something readable and understandable for their collegues only if they
will be forced by the management to do so. Left alone, each
software-developer
will only try to please himself. :(

> Our experiences are very different, then. In twelve years of
> working in software organizations, I've seen almost all engineers
> be concerned about the issues I listed above -- and most strive to
> be better at them. Yes, I described an ideal. But many come very
> close to that ideal.

> (If that's not so in your organization, then I pity its customers,
> because these things must be taken into account if one wants to
> build good software.)

That's a corner stone! How do the customers can determine
the quality of the software product execept counting the number of features?
They [usually] don#t have a single cue how to do it!
That's why the management personal of the software company
do not care about such things.

> And it's still insulting to software engineers.

[Ironically] Ah! Poor children!

> I beg of you all -- please consider the negative effects of stereotyping.

For several years the "steering wheel" was in the hands of
software-developers
because noone could understand what they are doing. But the times are
changing. That "stereotyping" is just a way to show other people and
to explain what really happens.

> Will it really help you establish an effective
> design and utesting presence in your organization
> Or would you be better off
> working cooperatively and empathetically with the engineers
> who will build your designs?

Personally I always try to keep good relations to software
engineers. And the knowledge of their nature only helps and
does not disturb.

regards,
Andrei Sedelnikov
http://usabilist.de

3 Feb 2004 - 12:47pm
Elizabeth Buie
2004

I don't think Jenifer is saying that *all* software engineers "get it" in
terms of usability for end users, but that (1) we shouldn't paint them all
with the same brush and (2) most of them do care, even the ones who aren't
very knowledgeable about end-user usability.

I agree with Jenifer on these items.

In my 22 years in HCI, I have found that, by and large, the developers who
are the most receptive to usability (and knowledgeable about it) tend also
to be the ones who are the most skilled at their craft. This isn't a
perfect correlation (I've known some good programmers who couldn't care
less about usability), but a general theme.

Elizabeth

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3 Feb 2004 - 2:13pm
Andrei Herasimchuk
2004

On Feb 3, 2004, at 9:47 AM, Elizabeth Buie wrote:

> In my 22 years in HCI, I have found that, by and large, the developers
> who
> are the most receptive to usability (and knowledgeable about it) tend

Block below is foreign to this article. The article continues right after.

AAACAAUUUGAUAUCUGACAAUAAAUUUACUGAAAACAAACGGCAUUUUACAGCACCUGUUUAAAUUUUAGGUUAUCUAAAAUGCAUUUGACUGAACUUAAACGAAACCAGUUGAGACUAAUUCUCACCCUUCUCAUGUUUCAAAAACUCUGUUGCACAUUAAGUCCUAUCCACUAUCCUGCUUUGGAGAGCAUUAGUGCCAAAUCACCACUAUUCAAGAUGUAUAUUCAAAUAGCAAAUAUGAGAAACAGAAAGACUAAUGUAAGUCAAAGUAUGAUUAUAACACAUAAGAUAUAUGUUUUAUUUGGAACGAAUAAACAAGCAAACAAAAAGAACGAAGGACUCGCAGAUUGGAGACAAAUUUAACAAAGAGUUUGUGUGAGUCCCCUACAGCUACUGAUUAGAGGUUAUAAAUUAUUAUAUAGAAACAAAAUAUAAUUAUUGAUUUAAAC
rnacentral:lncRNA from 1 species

> also
> to be the ones who are the most skilled at their craft. This isn't a
> perfect correlation (I've known some good programmers who couldn't care
> less about usability), but a general theme.

I'm in complete agreement, and I've had the luck and opportunity to
work with some the smartest engineering talent on this planet, at least
in the top 10% of the talent worldwide. In every working relationship
I've had with engineers, the best ones in this top 10% were always
acutely aware of every aspect of a product, and did everything they
knew to make the best product they could. That always included trying
to understand the user and how the user works with their products as
much as possible, and coding it to the user's needs. The rest often
listened a lot and did great work, collaborating and contributing like
we all do to make successful products.

Matthias, let me just say you make some rash generalizations in the
blurb you pointed us to. To be part of the solution usually requires in
large part to also not be part of the problem while finding a solution.
Making rash generalizations is usually being part of the problem in my
experience, and these sorts of stereotypes do nothing but foster a
culture of disconnectedness and confrontation when applied in a working
environment. I'm not sure if you are summarizing the book, just believe
what it is saying, or making an interpretation, but I find many
problems with the point of view expressed on that page. A dubious start
out of the gate to say the very least.

I also completely agree with what Robert said. As usual, Robert is far
more eloquent and precise than I am so I'll not attempt to add anything
to his contribution.

Andrei Herasimchuk
andrei at adobe.com

work: http://www.adobe.com
personal: http://www.designbyfire.com